Playing Your Song

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By David Malitz
washingtonpost.com Staff Writer
Friday, June 15, 2007; 12:21 PM

Living in an age of wedding planners who take care of every last detail can almost ensure that your guests have a blast at your wedding. But music is a very important aspect that should be left to people who actually know music, not to folks who consider it just another element along with invitations, floral arrangements and cake. So instead of making your guests suffer through yet another horrible version of "Celebrate Good Times Come On!" or "The Electric Slide," consider some bands that just might make your guests recall your special day as fondly as you will.

Swing Along

Big Joe and the Dynaflows
Big Joe is one of those rarest of breeds -- the drummer/bandleader. He and the Dynaflows excel in jump blues but also hold their own in New Orleans swing and old time rock 'n' roll. It's key to make sure your guests have the option of dancing whenever they want to dance, and Big Joe is sure to keep people out of their seats and on the dance floor.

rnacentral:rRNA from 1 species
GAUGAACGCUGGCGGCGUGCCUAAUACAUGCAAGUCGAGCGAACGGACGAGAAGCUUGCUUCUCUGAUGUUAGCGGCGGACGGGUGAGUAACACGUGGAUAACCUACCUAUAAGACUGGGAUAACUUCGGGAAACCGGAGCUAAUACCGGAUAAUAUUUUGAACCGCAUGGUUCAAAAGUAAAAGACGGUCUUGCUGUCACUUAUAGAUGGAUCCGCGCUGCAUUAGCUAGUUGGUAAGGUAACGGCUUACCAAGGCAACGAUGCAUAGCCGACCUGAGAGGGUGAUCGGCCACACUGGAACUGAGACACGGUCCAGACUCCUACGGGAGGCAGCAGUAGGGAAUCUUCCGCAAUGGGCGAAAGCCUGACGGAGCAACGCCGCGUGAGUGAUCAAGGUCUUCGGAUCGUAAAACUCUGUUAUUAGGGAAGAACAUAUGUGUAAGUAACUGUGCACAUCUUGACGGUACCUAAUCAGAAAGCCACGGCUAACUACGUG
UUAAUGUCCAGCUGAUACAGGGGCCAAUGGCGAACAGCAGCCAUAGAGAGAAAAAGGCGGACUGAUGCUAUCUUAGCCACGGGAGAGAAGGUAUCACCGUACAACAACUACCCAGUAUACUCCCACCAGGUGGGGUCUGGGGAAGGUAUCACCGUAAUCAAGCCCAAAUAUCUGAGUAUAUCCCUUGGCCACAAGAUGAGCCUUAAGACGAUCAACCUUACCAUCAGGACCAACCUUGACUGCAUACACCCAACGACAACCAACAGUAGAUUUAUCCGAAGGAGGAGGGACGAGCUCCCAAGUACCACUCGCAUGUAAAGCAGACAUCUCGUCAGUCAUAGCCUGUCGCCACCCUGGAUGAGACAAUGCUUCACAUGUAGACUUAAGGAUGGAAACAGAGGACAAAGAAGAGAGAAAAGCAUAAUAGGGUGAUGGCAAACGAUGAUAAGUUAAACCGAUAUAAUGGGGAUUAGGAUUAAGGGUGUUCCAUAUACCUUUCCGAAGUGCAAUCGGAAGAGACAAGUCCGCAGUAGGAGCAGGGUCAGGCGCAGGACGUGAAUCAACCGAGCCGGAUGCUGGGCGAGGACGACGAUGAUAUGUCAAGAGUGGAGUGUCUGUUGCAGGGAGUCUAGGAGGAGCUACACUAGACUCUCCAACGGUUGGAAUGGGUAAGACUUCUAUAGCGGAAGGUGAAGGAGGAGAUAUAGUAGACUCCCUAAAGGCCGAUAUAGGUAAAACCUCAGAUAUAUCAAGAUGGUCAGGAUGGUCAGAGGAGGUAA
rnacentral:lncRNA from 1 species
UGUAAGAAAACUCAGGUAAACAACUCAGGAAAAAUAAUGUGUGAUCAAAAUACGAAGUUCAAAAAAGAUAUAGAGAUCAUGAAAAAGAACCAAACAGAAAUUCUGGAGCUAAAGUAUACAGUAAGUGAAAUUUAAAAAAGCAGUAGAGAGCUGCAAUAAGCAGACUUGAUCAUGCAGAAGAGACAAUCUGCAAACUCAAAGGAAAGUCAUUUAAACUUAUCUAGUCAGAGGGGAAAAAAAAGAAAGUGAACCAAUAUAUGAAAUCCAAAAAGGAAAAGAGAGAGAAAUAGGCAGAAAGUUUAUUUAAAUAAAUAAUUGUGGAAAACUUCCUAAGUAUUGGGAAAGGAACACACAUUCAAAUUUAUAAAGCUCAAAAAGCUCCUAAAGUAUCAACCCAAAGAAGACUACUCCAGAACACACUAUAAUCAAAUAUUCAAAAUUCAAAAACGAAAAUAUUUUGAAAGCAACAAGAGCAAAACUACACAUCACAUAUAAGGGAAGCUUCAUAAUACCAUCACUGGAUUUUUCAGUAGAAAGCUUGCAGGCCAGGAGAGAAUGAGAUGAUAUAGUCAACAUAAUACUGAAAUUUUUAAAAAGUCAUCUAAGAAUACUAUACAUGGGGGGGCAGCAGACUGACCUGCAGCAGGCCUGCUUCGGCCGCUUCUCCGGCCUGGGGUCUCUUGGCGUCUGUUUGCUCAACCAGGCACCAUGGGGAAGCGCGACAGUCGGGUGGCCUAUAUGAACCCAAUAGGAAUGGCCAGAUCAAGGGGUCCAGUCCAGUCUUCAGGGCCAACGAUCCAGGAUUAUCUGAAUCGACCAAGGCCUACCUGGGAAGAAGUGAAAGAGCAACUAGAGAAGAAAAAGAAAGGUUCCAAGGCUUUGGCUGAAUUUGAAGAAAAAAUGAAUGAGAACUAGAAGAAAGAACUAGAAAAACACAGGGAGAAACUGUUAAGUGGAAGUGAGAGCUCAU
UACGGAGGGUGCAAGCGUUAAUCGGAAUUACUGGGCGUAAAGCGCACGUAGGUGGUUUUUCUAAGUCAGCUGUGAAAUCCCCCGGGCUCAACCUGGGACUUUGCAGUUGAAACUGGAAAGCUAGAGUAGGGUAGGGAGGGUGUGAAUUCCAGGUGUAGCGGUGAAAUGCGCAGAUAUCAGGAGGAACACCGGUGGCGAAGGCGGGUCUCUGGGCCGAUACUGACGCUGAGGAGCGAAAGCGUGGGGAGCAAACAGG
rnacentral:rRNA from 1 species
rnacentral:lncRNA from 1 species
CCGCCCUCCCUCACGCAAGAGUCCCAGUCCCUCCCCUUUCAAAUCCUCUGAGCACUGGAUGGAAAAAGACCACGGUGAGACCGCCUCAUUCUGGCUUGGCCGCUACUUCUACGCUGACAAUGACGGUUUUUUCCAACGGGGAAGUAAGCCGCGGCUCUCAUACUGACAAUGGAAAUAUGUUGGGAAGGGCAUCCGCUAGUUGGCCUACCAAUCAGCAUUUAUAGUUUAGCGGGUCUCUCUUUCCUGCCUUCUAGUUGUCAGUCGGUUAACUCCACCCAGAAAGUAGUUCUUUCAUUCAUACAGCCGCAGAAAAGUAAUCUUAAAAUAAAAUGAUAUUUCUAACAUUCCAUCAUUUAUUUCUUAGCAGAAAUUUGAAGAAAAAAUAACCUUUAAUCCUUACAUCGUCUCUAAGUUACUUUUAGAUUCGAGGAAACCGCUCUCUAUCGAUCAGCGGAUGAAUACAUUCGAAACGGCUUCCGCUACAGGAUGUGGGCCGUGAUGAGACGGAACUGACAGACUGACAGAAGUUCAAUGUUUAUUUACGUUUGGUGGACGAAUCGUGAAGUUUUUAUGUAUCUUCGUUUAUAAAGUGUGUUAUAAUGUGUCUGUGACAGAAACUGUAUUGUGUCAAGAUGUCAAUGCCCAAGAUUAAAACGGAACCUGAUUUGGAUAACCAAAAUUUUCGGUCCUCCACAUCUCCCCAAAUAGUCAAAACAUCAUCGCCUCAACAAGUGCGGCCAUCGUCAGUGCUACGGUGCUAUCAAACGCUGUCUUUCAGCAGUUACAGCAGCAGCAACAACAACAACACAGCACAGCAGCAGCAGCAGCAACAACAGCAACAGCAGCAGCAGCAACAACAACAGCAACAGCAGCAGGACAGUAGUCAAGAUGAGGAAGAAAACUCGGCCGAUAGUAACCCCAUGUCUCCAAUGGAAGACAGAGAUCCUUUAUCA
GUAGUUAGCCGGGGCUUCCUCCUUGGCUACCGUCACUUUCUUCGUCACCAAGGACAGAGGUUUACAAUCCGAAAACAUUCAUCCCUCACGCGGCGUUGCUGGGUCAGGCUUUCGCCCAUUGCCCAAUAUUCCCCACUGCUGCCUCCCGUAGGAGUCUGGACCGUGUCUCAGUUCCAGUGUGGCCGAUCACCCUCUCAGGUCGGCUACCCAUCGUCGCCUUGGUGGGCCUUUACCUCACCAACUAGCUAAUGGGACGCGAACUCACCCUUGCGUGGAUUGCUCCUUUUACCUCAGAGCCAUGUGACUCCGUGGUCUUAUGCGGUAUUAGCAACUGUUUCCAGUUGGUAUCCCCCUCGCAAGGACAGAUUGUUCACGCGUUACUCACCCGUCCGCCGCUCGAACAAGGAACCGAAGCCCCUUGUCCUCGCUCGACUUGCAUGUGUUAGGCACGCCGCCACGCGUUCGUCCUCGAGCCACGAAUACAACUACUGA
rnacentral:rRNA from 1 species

The Boilermakers
The Boilermakers are regulars at Glen Echo's swing dance nights and always get the crowd moving at full speed. The band specializes in hot jazz and swing but the top-notch musicians can also slow it down for that all important first dance, offering up a classic ballad or standard. After that, though, be ready to get those comfortable dancing shoes on.

Radio King Orchestra
If swing's your thing, then it's hard to go wrong with the Radio King Orchestra. The 10-piece group goes all out, dressing in outfits that evoke the style of the Rat Pack days, while running through the songbooks of legends such as Frank Sinatra, Bobby Darin, Glenn Miller and Ella Fitzgerald. The group's professionalism is unquestioned, as it has played such high-profile gigs in venues such as the Kennedy Center's Concert Hall and Carter Barron Amphitheatre.